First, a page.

If Shakespeare wrote that brevity is the soul of wit, that’s also true of Twitter, a platform that forces users to be creative communicators by working within those narrow confines.
Instead of saying everything—as you might see in a rambling Facebook post—users are forced to say one thing effectively.
A recent report from the tech blog re/code suggested that CEO Jack Dorsey is killing the social media platform’s 140 character limit, expanding those restrictions to include tweets up to 10,000 characters.
Many Twitter users are up in arms about an onslaught of 10,000 character tweets filling their feeds (the reaction on the #Twitter10K hashtag has been dyspeptic, to say the least). The hysteria over these reports may be premature.
As Slate’s Will Oremus explains, very little about the user experience will change. “Twitter is currently testing a version of the product in which tweets appear the same way they do now, displaying just 140 characters, with some kind of call to action that there is more content you can’t see,” he writes. “Clicking on the tweets would then expand them to reveal more content.”
It’s likely Twitter isn’t doing away with simplicity. Instead they’re following platforms like Facebook and Snapchat by embracing native content.
Dorsey himself has yet to confirm the report, but it’s likely Twitter isn’t doing away with simplicity. Instead they’re following platforms like Facebook and Snapchat by embracing native content. This might be of little concern to most Twitter users (you’ll likely notice little difference), but it’s actually very, very bad news for publishers rely on Twitter to drive traffic, especially after a year filled with bad news. In November, Digiday reported that referrals from Facebook—the largest engine of pageviews for nearly every site across the Web—crashed by 32 percent over the course of 2015.
This is not just due to changes in the platform’s algorithm but also the company’s mindset. In 2015, the largest social media website in the world announced that it would be allowing publishers to post their content directly to the platform, cutting out the need to travel offsite at all. This push is likewise exemplified by Twitter’s recent addition of its new Moments feature, which highlights “top” posts of the day for its users. As TechCrunch’s Josh Constine reports, Moments “assimilates the content of tweets it aggregates on mobile but hides the vital link back to the publisher’s website without users even knowing.”
As I’ve previously written for the Daily Dot, social media sites like Facebook and Twitter have been moving toward becoming “one-stop shops” for users for years. Facebook wants to make sure you never have to leave. By integrating a messaging service (similar to AIM in the early 2000s) and email, Facebook has become a daily news digest, mobile supermarket, and communication hub; its goal isn’t just to be a social media platform but to be the only platform you need—by making separate services like Skype or even a traditional phone call obsolete. Facebook has even integrated hashtags into status updates, the trademark octothorpes which have long been Twitter’s signature feature.
Twitter is pushing to become a destination for the Internet, rather than simply a referral or a signal boost for other websites.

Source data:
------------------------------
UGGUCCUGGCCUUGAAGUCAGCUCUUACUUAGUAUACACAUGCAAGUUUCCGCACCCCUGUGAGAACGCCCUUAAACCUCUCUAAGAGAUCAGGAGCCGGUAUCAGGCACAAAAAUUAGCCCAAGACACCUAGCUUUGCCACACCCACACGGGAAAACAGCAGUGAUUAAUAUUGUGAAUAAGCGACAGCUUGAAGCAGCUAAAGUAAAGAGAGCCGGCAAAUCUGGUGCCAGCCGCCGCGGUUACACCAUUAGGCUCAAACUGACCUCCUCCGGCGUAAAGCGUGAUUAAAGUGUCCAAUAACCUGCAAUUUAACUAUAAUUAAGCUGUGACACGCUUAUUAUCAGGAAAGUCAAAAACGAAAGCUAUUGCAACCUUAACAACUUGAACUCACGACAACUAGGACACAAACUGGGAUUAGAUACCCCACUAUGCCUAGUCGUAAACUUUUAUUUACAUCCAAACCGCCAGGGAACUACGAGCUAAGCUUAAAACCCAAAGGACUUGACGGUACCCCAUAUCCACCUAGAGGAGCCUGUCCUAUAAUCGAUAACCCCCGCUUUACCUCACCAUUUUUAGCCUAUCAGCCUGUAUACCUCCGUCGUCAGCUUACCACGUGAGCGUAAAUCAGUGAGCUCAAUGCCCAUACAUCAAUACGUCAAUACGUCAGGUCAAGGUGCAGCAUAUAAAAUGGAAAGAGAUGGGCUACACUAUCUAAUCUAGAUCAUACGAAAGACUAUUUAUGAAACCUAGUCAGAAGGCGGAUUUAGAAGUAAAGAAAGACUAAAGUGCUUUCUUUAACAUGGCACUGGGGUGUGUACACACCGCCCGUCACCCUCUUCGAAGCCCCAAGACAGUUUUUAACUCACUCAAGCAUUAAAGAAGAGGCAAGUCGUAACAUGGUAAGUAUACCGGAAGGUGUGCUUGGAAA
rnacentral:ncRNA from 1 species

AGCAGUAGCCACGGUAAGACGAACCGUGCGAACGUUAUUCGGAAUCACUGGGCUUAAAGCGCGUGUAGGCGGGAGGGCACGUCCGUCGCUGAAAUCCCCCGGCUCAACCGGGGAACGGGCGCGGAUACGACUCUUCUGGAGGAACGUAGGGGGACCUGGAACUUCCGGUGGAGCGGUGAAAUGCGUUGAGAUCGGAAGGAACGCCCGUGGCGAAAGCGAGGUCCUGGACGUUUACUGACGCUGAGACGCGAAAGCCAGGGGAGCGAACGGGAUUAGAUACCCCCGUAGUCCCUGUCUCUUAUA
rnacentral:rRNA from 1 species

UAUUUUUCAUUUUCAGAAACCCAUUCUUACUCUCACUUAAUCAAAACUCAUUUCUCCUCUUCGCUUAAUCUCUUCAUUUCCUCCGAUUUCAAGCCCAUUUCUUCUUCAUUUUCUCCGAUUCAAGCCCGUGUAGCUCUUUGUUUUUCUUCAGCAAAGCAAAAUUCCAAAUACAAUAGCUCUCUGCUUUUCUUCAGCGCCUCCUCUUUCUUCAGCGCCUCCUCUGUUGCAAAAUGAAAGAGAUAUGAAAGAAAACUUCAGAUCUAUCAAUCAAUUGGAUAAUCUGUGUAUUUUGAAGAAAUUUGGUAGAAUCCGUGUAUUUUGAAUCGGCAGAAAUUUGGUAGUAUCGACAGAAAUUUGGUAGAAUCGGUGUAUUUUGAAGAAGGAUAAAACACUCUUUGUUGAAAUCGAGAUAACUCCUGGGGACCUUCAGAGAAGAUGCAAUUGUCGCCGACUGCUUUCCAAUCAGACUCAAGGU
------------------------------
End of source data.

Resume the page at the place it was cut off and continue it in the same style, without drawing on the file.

Twitter is likewise pushing to become a destination for the Internet, rather than simply a referral or a signal boost for other websites. Whereas Facebook users often linger on the service—idly flipping through photos—users have little incentive to linger on Twitter in the same way. That means they not only check Twitter less but spend about half as much time on the site: Whereas 70 percent of Facebook users log on at least daily, only 36 percent of Twitter users do. If the average user logs 22 minutes on Facebook, they’re on Twitter for just 12 minutes. That’s a huge engagement gap to conquer.
There’s a reason Twitter is falling behind: It’s primarily a text-driven medium, which is both a blessing and a curse. It’s made the platform highly influential among a niche group of already engaged consumers—the platform of choice for writers and journalists—that has historically limited the platform’s audience. With 1.5 billion (and counting), Facebook is continuing to grow in a fairly linear progression, but Twitter has flatlined at around 300 million users. To continue compete with Facebook—and emerging apps like Snapchat and Kik—Twitter needs a new business model to keep users coming back (or from ever clicking away).
Strategies like Twitter’s expanded characters feature are likely to become the norm on a platform desperate to keep up with the Joneses, meaning that social media-driven publishers will likely continue to see their traffic erode. If there’s any silver lining from #Twitter10k, however, it’s that Twitter has always relied on quality of traffic, not quantity. In 2015, the Atlantic’s Derek Thompson reported what many publishers already knew: Little of their social media flow is being driven by Twitter. Research shows that the service drives less than a 1/15th of the traffic Facebook brings in, even ranking below Pinterest in referrals.
If the numbers are any indication, native content isn’t going to kill Twitter for publishers like the Huffington Post or BuzzFeed. The platform was already dead.
Nico Lang is a Meryl Streep enthusiast, critic, and essayist. You can read his work on Salon, Rolling Stone, and the Guardian. He’s also the author of “The Young People Who Traverse Dimensions” and the co-editor of the bestsellingBOYSanthology series.
Image via Rodney Campbell / Flickr (CC by 2.0) | Remix by Max Fleishman